In Business Trends & Strategy

Note: This post is an excerpt from AMI’s Thought Leadership in Latin America, a whitepaper we created to guide companies in developing or refining their thought leadership marketing strategies.

Click here if you’d like to read the entire whitepaper, which spans more than 40 pages and covers not only content development, but also how to create a successful thought leadership strategy for Latin America and market your content effectively. You can also view the webinar we conducted, in which we share dozens of thought leadership recommendations.

While the quick and easy solution to creating thought leadership blog content is to hire an experienced content strategist who has extensive experience in developing everything from blogs to whitepapers to videos, in many cases this isn’t an option. Instead, existing marketing teams—who may be very skilled in developing online strategies featuring hyperpersonalization, programmatic advertising driven by AI, influencers, chatbots and other new resources—may have to flex a different set of muscles to develop content and distribute it. To help those marketers and other leaders interested in developing or improving their thought leadership content, we’ll cover the major content types and offer some ideas for optimal execution.

Finding Your Format

Your initial ideas for blog stories could come from implementing the strategies we mentioned earlier: surveying your audience, talking to your sales team, reflecting your brand identity and USPs.

With rough topics established, the next step is determining how you’ll cover them. There are a number of tried-and-true blog post formats:

LISTICLES: These have been around since at least 2005 or 2006, but still work well to draw traffic. An sample title for a listicle focused on LatAm would be: “Las 6 principales tendencias entre consumidores latinoamericanos.” The idea of a list tells the reader the exact amount of what to expect. Since they understand the benefit, they may be more likely to click. This format also allows you to organize your story as a simple list united by topic. Another benefit of the listicle is that its simple titles make it easy to include key words or phrases you want to be found for during Google searches.

EXPLANATIONS: Applying your expertise to a basic question plaguing your industry will draw readers searching for answers. One of AMI’s most popular pieces in 2020 was entitled “In Much of the Americas, COVID-19 Will Burn out Before Vaccines Arrive.” This piece explained how the progression of the pandemic would play out give data on infection rates and other factors. Another popular explanation story for us was “Why Digital Wallets Aren’t Working in Latin America.” Your explanation stories can be more generalized or specific, as you see fit. But what will truly make them work is when they provide insights to ease the pain points of your audience.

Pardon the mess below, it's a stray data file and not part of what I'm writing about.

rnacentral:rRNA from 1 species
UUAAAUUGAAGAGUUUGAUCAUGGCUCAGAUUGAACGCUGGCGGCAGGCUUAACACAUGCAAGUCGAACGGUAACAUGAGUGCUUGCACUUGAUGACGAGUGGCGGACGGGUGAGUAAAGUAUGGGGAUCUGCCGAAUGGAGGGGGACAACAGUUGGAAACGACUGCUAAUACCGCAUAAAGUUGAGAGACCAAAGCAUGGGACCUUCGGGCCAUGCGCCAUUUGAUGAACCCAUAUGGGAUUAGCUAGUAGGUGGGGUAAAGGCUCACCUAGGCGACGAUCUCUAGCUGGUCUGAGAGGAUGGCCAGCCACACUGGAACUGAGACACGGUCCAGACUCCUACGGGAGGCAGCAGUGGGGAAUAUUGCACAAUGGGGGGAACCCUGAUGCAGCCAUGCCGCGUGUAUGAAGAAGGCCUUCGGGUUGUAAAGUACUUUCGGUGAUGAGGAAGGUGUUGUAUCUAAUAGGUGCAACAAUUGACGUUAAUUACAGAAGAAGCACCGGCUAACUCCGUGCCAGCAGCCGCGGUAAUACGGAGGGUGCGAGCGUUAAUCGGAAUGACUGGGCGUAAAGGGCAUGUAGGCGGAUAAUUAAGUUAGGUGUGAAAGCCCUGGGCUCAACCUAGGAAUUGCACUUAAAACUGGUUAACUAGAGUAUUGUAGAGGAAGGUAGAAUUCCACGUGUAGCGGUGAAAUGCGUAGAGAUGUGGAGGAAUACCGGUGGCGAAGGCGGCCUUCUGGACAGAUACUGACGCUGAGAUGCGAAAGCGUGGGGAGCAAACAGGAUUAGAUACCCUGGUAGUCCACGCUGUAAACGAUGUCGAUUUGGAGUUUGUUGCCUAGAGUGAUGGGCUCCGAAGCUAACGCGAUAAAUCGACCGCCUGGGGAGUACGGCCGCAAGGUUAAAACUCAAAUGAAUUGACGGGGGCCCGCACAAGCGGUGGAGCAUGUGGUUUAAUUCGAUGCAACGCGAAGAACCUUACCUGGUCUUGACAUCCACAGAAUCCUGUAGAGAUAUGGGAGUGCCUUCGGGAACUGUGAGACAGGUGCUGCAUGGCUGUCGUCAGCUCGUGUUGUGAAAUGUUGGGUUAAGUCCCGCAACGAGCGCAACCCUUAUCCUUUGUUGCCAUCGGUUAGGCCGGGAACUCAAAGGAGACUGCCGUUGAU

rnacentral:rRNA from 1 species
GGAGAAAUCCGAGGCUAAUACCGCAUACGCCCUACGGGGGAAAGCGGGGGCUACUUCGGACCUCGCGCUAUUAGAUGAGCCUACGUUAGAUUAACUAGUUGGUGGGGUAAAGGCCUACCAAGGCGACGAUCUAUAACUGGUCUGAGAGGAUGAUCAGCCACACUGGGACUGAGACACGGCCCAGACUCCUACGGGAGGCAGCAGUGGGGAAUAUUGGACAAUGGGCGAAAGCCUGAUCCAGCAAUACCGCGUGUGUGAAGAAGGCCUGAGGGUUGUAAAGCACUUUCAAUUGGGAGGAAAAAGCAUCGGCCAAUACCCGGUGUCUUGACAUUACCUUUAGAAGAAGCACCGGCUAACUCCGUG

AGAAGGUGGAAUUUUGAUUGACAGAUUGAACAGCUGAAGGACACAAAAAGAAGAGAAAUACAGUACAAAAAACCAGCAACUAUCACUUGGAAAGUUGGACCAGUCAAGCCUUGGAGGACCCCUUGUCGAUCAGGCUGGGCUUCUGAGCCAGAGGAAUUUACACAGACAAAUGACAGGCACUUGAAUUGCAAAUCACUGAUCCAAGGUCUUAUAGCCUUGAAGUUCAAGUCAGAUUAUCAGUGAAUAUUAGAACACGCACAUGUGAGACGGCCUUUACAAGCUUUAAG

ANALYSIS OF NEWS: With this story, you can explore how certain regulations could affect your industry, what a new technological development means for your industry, the threat of a new political administration, what a shift in consumer behavior means, and so on. General and business media often seek to publish this kind of story, but your company may have leaders with the expertise to provide a fuller answer that will benefit—and influence—your audience.

STATISTICAL ROUNDUPS: An example of this would be “8 Top Strategies for Reaching Brazilian Consumers” or Lo que más compran los mexicanos por internet.” With these types of stories, you compile hard data that signal trends or fill in a knowledge gap for the reader, then package the data into the story. The advantage for the reader is that they get hard data on a topic of interest in one place, with no need to do loads of research. With this approach, YOUR company could become the go-to source for topics in your industry that directly relate to your brand and products.  

STUDY RECAPS: While media often cover studies, they focus on broader studies in areas such as health and human behavior, not for specific industries. With a study recap, you could read a 40-page study and distill the most relevant points in a 500-word story, which is a helpful service for professionals looking to stay on top of their industries.    

How to Write for Blogs

With blogs, the challenge writers face—though they may not know it—is writing for both people and machines. The reason is that while you want living, breathing humans to enjoy your work, you also want search engine spiders to home in on the phrases, bullet points and headlines you employ so that your blog post comes up in search results as soon as possible, preferably as the #1 result on page 1. That’s because once you initially promote your content via a newsletter or some other “push” tactic, the only way your content will be found in the future is by people searching for the topic you wrote about. If your content doesn’t cater to search engine spiders (programs that scour the Internet to evaluate content for relevance and determine if it should be included in search results and which page it should appear on, ranging from 1 to 200 or more), then it won’t be found. For all intents and purposes, online content that cannot be easily found via a search engine does not really exist. It may be there, just waiting for a reader, but if no one knows it’s there, it’s invisible—and inconsequential.